Exploring Valencia

A road cycling story from the Mediterranean paradise
Valencia is known for its architecture, its broad sandy beaches, its oranges, and its paella. The unsung marvel of the Mediterranean city though, lies in the hills just twenty kilometres north of its walls… the Sierra Calderona Natural Park. Here, you will discover some of the most beautiful and varied road cycling found anywhere in Europe.

The Southern Spain coastline has been a favourite training camp destination with professional riders for as long as most will remember; its temperate climate in the early part of the year has made it a go-to get away from the northern winter—a place for early season miles in short sleeves and sunscreen.

The typical format of such an active vacation is to stay in a non-descript all-inclusive hotel; eating repeat buffet menus and remaining distinctly isolated from the true offering of the Iberian Peninsula. Valencia offers something different. Something unique. Boutique hotels, and a cultural hub that you cannot help but become captivated by on your evening strolls through the old stone walls; as well as a true haven for food lovers and hungry cyclists.

We travelled to Valencia for an experience; a chance to embrace both the incredible riding on offer in the mountains just north of the city, but also a chance to immerse ourselves in the fantastic après-ride atmosphere found in the city itself.

The Ride

After a breakfast of Valencia orange juice, horchata de chufa (tiger nut milk), and fartons (a sweet spongey pastry), we roll out of the city heading north west towards the peaks that punctuate the horizon.

Broad empty bike paths act as safe and fast arteries to take you from the bustle of the city out into the natural parks that surround it. The first feeling that we have entered the mountains comes at the small village of Gatova; we pause by the bumbling village fountain and take a moment to sip espressos on the quiet cobbled street. The thrum of the city seems a distant memory, as we gaze up at the mountains and the azure blue sky.

The Pico del Águila is the first upwards ramp—a fourth category climb to awaken the legs. The road weaves up the mountain side; bordered on one side by a cliff dotted with sunbathing lizards, and on the other by a stunning panoramic view.

Summit. Descent. We sweep down the hairpins on the other side of climb, feeling the warmth of the spring sunshine on our legs.

After a quick passage through the town of Segorbe, we move into our second natural park—the Sierra de Espadán. Here we find something truly special…

At the start of the Collado de Íbola the road narrows; from two carriageways down to a small single track ribbon of tarmac. The surface is a little broken and suggests that this is a little used passageway—a secret road into the mountains.

What evolves, is a climb of dreams. The tiny strip of tarmac bends and weaves up the mountain; sitting precariously on the edge of a cliff that looks down on the lush green valley below. Even the double digit gradients are not enough to wipe the broad smiles from our faces; we pass no-one on the entire climb—a private staircase to heaven.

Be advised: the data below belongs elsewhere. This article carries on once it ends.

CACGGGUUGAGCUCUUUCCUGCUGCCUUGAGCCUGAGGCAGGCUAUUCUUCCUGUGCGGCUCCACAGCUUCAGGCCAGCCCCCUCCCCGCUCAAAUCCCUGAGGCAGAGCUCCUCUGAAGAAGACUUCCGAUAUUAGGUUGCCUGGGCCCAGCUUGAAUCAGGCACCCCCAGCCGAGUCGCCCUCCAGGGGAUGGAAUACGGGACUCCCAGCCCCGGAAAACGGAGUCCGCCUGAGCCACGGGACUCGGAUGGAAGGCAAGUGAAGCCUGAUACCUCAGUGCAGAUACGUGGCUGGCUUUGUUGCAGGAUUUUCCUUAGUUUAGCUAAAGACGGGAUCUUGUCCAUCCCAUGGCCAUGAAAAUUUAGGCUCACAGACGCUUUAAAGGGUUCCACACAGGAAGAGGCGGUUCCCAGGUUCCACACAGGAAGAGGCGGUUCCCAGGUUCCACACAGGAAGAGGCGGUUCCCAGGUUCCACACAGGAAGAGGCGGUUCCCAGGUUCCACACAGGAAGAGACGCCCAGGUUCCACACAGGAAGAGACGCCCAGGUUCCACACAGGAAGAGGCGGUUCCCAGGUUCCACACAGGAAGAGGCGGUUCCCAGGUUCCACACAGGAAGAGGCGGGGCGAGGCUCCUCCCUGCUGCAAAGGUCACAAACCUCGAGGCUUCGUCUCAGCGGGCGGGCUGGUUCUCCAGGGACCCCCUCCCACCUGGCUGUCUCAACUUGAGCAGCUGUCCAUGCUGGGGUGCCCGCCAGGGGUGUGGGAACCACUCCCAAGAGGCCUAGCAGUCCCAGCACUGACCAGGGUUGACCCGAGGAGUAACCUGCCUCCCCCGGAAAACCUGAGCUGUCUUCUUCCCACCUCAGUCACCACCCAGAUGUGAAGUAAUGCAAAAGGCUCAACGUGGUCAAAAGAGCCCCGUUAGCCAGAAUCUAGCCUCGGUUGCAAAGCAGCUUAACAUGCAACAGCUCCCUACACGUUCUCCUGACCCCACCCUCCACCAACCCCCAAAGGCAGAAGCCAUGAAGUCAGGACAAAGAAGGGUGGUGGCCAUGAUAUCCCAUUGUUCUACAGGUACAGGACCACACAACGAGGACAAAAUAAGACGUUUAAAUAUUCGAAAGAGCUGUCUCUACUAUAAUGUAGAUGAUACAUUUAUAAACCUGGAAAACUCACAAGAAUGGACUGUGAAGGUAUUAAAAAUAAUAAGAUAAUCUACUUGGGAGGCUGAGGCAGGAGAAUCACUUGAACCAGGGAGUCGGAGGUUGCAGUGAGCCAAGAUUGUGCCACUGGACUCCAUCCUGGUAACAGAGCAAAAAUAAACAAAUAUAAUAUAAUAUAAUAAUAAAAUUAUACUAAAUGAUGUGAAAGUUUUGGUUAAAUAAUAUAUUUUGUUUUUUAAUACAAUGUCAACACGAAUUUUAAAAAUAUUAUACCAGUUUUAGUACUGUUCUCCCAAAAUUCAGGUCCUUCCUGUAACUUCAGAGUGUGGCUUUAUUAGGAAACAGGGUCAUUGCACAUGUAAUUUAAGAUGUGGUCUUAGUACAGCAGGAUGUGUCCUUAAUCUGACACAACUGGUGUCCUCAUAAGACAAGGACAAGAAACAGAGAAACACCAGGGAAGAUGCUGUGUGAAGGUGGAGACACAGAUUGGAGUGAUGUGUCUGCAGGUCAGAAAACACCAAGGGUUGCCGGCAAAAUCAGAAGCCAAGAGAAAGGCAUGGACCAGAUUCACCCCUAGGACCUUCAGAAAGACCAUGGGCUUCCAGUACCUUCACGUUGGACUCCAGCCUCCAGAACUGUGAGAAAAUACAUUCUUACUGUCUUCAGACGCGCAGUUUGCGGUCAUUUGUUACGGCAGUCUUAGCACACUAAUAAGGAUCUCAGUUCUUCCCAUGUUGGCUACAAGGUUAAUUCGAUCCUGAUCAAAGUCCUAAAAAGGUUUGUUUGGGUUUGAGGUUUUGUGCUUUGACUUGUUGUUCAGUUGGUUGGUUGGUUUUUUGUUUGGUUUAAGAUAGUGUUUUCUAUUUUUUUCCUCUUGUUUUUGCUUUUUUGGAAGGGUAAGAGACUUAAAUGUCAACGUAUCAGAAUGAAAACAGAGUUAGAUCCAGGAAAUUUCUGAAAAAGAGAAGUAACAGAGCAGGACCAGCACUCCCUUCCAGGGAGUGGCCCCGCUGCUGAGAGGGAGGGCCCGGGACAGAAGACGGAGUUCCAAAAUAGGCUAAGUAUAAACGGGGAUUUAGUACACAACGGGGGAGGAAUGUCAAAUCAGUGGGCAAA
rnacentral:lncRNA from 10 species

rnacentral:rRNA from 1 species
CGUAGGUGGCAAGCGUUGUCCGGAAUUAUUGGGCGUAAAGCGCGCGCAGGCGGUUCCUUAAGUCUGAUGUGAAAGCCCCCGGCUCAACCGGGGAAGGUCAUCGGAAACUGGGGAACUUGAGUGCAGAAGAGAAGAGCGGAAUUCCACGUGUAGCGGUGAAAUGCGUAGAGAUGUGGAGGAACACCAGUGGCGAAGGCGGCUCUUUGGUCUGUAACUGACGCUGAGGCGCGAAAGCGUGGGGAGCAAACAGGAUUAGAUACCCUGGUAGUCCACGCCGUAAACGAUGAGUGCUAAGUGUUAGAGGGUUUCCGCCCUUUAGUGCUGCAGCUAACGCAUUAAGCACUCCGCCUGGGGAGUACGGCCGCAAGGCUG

Passing through the rock gorge at the summit, the descent is equally mesmerizing and deserted; we plummet through the unlit tunnels and sweep through the twisting tarmac bends. At the base of the mountain we re-join the main carriageway and see our first car in over an hour. A secret road. A magic memory.

Pausing for lunch in the town of Eslida, we shelter from the mid-day sun as we enjoy fresh bocadillos in a local bar. Only when we head inside at the end of the meal do we discover that this café is often frequented by professionals who come to train on these dreamlike roads; the walls are dotted with photos of Alberto Contador and Nairo Quintana. We thought the sandwiches tasted good.

After resting the legs, it is straight into the third peak of the day—the Puerto de Eslida. The gradient is thankfully kind on the lower slopes, and our legs feel buoyed by the espresso and Arnadí we sampled as dessert. Then, as the road climbs skywards the view once again opens out; revealing a vibrant valley of orange groves and cork trees. Greens contrast with the dark red of the earth, and the pastel blue of the crystal clear skies.

It is safe to say that neither my riding partner nor I have ever smiled this much on a bike ride before. It is as if every turn reveals another highlight, and every climb another vista. We struggle not to pause too much as we begin the lengthy descent; each turn another opportunity for a photo—we are like big kids in a sweet shop.

It is late afternoon before we begin the final climb of the day—the Port de l’Oronet. This peak was made famous by the Vuelta a España, and the battles that have been fought on its slopes. Fortunately, we are climbing the more sedate side of the pass, and the gradients are not too strenuous as we pass over the one hundred kilometre mark, and tick over two thousand metres of vertical. A bag of strawberry flavoured churros sweets rekindles the engine at the summit—sugar for the legs.

From the final peak it is a long blissful descent back down to Valencia. Forty kilometres of fast bike paths headed for the beach. This is the perfect fast and triumphant finish to a spectacular day in the hills.

There is only one thing on our minds as we roll onto the Platja del Cabanyal… a cold drink, and ice cream.

We sit looking out over the white sands, and feel the soft wind of the Mediterranean as the sun sets in the sky. This has been a ride we will remember—a ride of discovery and natural beauty.

There is still so much to explore here though; so many climbs and such vibrant culture to embrace and absorb.

We cool our muscles in the ocean waves, then head off in search of paella—the perfect recovery for tired legs. Tomorrow we will ride again.

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